Heat Therapy Fights Soft-Tissue Tumors
Study Shows Targeted Heat Therapy Lowers Risk of Recurrence of Soft-Tissue Sarcomas
Sept. 23, 2009 (Berlin) -- Tumors in soft tissues such as muscle, fat, and nerves around the joints are much less likely to come back if they are heated at the time patients receive chemotherapy, a study shows.
There's also a suggestion that patients who receive targeted heat therapy may live longer, says the study's leader, Rolf Issels, MD, a professor of medical oncology at Klinikum Grosshadern Medical Center at the University of Munich.
"These findings provide a new standard treatment option and we believe they are likely to change the way many specialists treat these tumors," he tells WebMD.
The results were presented at a joint meeting of the European Cancer Organization and the European Society of Medical Oncology.
Soft tissue sarcomas involve tumors that start in the soft, supporting tissues of the body, such as muscle, fat, blood vessels, nerves, tendons, tissue around the joints, and deep layers of the skin. They are relatively rare, accounting for about 3% of all cancers, but are more common in children and young adults.
Surgery is the primary treatment, but the tumors are difficult to remove, so radiation and/or chemotherapy are often given to kill lingering cancer cells.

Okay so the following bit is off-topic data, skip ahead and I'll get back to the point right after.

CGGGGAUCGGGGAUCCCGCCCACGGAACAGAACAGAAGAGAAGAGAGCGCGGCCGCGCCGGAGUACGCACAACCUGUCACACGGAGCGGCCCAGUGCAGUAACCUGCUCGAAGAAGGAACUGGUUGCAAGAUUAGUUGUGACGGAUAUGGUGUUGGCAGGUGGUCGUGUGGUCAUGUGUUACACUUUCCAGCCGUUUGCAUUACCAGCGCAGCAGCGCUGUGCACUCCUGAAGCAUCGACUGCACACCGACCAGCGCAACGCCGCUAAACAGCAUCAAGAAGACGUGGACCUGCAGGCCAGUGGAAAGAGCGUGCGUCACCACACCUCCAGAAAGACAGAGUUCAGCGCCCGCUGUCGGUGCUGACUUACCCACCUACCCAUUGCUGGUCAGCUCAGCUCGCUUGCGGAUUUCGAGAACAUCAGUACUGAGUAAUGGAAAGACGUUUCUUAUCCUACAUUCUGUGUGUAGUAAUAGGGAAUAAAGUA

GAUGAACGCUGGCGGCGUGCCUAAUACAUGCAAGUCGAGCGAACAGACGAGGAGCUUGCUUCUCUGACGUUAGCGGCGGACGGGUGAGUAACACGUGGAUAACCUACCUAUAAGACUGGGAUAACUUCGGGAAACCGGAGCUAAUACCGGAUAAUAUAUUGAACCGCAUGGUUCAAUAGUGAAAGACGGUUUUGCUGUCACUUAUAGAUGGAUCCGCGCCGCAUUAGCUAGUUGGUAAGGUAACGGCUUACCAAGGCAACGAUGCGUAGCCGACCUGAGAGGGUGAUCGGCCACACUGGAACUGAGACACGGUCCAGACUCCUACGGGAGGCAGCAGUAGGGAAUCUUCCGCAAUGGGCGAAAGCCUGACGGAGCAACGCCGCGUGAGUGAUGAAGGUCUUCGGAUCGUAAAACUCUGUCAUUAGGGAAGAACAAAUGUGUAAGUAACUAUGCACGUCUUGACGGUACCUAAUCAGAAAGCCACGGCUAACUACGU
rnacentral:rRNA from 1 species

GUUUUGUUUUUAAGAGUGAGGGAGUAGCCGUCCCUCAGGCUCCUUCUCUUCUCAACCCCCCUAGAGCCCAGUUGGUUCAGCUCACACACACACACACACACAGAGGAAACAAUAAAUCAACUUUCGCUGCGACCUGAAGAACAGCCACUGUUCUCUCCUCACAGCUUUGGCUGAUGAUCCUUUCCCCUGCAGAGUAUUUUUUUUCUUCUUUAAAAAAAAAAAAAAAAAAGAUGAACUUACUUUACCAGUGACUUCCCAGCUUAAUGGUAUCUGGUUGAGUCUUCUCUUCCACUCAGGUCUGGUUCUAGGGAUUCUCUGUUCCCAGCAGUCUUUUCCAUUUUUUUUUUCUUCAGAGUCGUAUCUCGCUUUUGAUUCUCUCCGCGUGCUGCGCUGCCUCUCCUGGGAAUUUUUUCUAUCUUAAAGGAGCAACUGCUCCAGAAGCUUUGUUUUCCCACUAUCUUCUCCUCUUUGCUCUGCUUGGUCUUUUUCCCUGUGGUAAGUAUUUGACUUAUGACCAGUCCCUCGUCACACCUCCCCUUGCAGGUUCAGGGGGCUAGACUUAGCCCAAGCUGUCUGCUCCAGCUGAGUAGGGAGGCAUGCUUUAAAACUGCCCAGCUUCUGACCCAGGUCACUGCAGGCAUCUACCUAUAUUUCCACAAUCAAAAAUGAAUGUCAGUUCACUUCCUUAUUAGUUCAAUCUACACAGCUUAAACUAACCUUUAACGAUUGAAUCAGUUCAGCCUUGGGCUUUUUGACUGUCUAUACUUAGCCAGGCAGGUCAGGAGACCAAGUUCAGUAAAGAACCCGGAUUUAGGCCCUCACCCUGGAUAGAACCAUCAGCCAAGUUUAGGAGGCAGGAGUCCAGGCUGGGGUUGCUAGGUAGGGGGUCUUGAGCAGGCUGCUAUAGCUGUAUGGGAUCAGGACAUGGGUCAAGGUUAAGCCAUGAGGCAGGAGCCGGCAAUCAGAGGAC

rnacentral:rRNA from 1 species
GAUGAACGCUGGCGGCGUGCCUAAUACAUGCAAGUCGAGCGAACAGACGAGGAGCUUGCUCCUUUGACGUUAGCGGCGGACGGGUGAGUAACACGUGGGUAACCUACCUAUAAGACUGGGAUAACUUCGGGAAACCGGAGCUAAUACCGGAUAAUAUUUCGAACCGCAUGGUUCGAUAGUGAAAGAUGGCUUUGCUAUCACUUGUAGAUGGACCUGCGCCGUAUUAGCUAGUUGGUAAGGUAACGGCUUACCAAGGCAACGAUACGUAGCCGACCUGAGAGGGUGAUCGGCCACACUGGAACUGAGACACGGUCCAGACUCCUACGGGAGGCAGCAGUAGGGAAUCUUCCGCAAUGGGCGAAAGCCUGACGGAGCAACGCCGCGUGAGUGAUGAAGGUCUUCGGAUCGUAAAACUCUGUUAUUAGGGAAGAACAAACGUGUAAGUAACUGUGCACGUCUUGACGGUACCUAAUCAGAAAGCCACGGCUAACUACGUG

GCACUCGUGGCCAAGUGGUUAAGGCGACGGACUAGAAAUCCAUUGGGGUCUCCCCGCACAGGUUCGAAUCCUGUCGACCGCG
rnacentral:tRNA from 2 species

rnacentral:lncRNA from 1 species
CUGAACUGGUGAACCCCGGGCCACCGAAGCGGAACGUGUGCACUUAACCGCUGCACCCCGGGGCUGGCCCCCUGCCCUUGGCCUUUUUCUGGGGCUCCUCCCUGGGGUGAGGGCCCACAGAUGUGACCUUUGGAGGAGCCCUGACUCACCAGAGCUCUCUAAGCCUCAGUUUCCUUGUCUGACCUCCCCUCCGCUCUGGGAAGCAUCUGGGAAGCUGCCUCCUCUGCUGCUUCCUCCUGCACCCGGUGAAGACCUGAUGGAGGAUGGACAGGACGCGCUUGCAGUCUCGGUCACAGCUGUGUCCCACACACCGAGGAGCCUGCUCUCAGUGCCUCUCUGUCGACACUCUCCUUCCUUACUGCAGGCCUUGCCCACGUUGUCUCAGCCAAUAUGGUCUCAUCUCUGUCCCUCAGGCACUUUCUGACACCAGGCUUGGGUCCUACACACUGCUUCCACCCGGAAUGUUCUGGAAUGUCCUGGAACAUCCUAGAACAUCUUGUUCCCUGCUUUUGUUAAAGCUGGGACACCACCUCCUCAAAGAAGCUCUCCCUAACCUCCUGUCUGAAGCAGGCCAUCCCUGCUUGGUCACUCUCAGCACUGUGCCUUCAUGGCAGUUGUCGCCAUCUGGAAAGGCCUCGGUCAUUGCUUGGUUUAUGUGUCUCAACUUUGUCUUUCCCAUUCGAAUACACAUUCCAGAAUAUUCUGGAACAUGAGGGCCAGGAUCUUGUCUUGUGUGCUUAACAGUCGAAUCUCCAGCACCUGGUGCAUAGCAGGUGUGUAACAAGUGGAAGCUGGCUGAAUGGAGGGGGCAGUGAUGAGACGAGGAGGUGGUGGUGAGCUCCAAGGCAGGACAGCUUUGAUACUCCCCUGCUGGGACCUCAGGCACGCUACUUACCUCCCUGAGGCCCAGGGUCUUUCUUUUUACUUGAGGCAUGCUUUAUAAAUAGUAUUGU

However, the benefits of chemotherapy have been shown to be limited, Issels says, and high-risk patients often relapse within two or three years.
Targeted Heat Therapy: How It Works
That's where targeted heat therapy comes in. The technique, known as regional hyperthermia, uses focused electromagnetic energy to warm the tissue in and around the tumor to between 104 and 109.4 degrees Fahrenheit.
The heat packs a four-pronged attack against the tumor, says Gerard C. van Rhoon, PhD, head of the hyperthermia unit at Erasmus University Medical Center in Rotterdam, Netherlands.
First, it directly kills cancer cells, he says. It also improves blood flow, which allows more chemotherapy to get through to the area of the tumor.
The improved blood flow also brings more oxygen to the tumor, which makes it more sensitive to radiation. Finally, the heat interferes with cancer cells' repair mechanisms and they die off, van Rhoon tells WebMD.